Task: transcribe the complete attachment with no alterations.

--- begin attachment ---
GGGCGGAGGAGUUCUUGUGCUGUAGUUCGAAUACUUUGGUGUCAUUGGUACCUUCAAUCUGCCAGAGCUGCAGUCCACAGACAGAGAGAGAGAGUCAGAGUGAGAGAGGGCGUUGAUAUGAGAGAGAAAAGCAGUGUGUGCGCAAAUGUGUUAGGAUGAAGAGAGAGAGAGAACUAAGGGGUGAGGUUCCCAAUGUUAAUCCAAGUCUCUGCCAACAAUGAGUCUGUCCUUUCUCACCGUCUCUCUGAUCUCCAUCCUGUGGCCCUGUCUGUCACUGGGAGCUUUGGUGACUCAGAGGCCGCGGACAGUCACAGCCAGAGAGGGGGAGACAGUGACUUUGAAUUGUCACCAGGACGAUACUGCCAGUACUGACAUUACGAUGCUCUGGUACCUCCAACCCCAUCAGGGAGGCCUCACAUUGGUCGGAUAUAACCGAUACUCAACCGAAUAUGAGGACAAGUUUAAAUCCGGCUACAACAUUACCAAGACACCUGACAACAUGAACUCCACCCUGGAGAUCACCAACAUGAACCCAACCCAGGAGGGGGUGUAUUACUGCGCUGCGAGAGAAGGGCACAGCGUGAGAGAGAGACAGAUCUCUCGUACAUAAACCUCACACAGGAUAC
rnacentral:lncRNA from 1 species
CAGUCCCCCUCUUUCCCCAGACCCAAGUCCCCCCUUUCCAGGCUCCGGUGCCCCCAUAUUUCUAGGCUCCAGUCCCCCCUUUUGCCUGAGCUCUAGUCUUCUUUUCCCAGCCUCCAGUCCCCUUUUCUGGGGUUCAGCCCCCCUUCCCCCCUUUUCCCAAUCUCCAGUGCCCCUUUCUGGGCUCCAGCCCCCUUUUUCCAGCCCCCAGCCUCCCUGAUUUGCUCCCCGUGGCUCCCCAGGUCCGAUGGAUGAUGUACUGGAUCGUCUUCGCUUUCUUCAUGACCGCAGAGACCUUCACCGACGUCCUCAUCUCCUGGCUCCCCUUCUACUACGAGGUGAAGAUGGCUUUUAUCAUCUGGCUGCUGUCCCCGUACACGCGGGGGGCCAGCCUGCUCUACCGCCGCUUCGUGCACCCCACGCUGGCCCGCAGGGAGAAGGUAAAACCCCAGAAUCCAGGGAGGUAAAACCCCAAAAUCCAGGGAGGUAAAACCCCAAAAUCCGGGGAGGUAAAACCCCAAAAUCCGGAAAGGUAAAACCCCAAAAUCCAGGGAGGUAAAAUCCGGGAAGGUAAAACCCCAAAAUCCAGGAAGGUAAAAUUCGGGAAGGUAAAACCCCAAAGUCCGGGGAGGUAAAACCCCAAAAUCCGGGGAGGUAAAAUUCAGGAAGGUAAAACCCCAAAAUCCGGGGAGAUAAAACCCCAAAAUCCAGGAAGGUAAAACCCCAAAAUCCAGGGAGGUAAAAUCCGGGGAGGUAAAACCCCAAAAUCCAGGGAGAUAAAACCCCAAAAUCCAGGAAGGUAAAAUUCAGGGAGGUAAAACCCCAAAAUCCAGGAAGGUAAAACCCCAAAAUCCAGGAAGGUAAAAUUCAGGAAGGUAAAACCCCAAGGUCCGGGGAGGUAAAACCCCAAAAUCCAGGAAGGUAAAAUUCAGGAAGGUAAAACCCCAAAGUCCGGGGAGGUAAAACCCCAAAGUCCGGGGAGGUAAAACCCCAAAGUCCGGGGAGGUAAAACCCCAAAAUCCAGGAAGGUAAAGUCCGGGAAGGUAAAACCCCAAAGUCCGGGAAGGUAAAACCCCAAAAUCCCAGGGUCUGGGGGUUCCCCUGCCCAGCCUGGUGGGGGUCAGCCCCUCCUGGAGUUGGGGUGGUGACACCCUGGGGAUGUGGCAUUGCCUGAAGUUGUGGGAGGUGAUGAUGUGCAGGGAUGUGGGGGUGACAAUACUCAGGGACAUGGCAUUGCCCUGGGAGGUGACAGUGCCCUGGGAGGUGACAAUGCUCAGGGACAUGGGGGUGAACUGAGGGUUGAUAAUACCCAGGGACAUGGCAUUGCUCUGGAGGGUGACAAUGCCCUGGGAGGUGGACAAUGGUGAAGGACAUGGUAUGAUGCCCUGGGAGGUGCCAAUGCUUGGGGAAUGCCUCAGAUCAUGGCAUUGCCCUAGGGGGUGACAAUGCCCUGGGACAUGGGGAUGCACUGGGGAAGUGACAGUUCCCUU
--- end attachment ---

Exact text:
GGGCGGAGGAGUUCUUGUGCUGUAGUUCGAAUACUUUGGUGUCAUUGGUACCUUCAAUCUGCCAGAGCUGCAGUCCACAGACAGAGAGAGAGAGUCAGAGUGAGAGAGGGCGUUGAUAUGAGAGAGAAAAGCAGUGUGUGCGCAAAUGUGUUAGGAUGAAGAGAGAGAGAGAACUAAGGGGUGAGGUUCCCAAUGUUAAUCCAAGUCUCUGCCAACAAUGAGUCUGUCCUUUCUCACCGUCUCUCUGAUCUCCAUCCUGUGGCCCUGUCUGUCACUGGGAGCUUUGGUGACUCAGAGGCCGCGGACAGUCACAGCCAGAGAGGGGGAGACAGUGACUUUGAAUUGUCACCAGGACGAUACUGCCAGUACUGACAUUACGAUGCUCUGGUACCUCCAACCCCAUCAGGGAGGCCUCACAUUGGUCGGAUAUAACCGAUACUCAACCGAAUAUGAGGACAAGUUUAAAUCCGGCUACAACAUUACCAAGACACCUGACAACAUGAACUCCACCCUGGAGAUCACCAACAUGAACCCAACCCAGGAGGGGGUGUAUUACUGCGCUGCGAGAGAAGGGCACAGCGUGAGAGAGAGACAGAUCUCUCGUACAUAAACCUCACACAGGAUAC
rnacentral:lncRNA from 1 species
CAGUCCCCCUCUUUCCCCAGACCCAAGUCCCCCCUUUCCAGGCUCCGGUGCCCCCAUAUUUCUAGGCUCCAGUCCCCCCUUUUGCCUGAGCUCUAGUCUUCUUUUCCCAGCCUCCAGUCCCCUUUUCUGGGGUUCAGCCCCCCUUCCCCCCUUUUCCCAAUCUCCAGUGCCCCUUUCUGGGCUCCAGCCCCCUUUUUCCAGCCCCCAGCCUCCCUGAUUUGCUCCCCGUGGCUCCCCAGGUCCGAUGGAUGAUGUACUGGAUCGUCUUCGCUUUCUUCAUGACCGCAGAGACCUUCACCGACGUCCUCAUCUCCUGGCUCCCCUUCUACUACGAGGUGAAGAUGGCUUUUAUCAUCUGGCUGCUGUCCCCGUACACGCGGGGGGCCAGCCUGCUCUACCGCCGCUUCGUGCACCCCACGCUGGCCCGCAGGGAGAAGGUAAAACCCCAGAAUCCAGGGAGGUAAAACCCCAAAAUCCAGGGAGGUAAAACCCCAAAAUCCGGGGAGGUAAAACCCCAAAAUCCGGAAAGGUAAAACCCCAAAAUCCAGGGAGGUAAAAUCCGGGAAGGUAAAACCCCAAAAUCCAGGAAGGUAAAAUUCGGGAAGGUAAAACCCCAAAGUCCGGGGAGGUAAAACCCCAAAAUCCGGGGAGGUAAAAUUCAGGAAGGUAAAACCCCAAAAUCCGGGGAGAUAAAACCCCAAAAUCCAGGAAGGUAAAACCCCAAAAUCCAGGGAGGUAAAAUCCGGGGAGGUAAAACCCCAAAAUCCAGGGAGAUAAAACCCCAAAAUCCAGGAAGGUAAAAUUCAGGGAGGUAAAACCCCAAAAUCCAGGAAGGUAAAACCCCAAAAUCCAGGAAGGUAAAAUUCAGGAAGGUAAAACCCCAAGGUCCGGGGAGGUAAAACCCCAAAAUCCAGGAAGGUAAAAUUCAGGAAGGUAAAACCCCAAAGUCCGGGGAGGUAAAACCCCAAAGUCCGGGGAGGUAAAACCCCAAAGUCCGGGGAGGUAAAACCCCAAAAUCCAGGAAGGUAAAGUCCGGGAAGGUAAAACCCCAAAGUCCGGGAAGGUAAAACCCCAAAAUCCCAGGGUCUGGGGGUUCCCCUGCCCAGCCUGGUGGGGGUCAGCCCCUCCUGGAGUUGGGGUGGUGACACCCUGGGGAUGUGGCAUUGCCUGAAGUUGUGGGAGGUGAUGAUGUGCAGGGAUGUGGGGGUGACAAUACUCAGGGACAUGGCAUUGCCCUGGGAGGUGACAGUGCCCUGGGAGGUGACAAUGCUCAGGGACAUGGGGGUGAACUGAGGGUUGAUAAUACCCAGGGACAUGGCAUUGCUCUGGAGGGUGACAAUGCCCUGGGAGGUGGACAAUGGUGAAGGACAUGGUAUGAUGCCCUGGGAGGUGCCAAUGCUUGGGGAAUGCCUCAGAUCAUGGCAUUGCCCUAGGGGGUGACAAUGCCCUGGGACAUGGGGAUGCACUGGGGAAGUGACAGUUCCCUU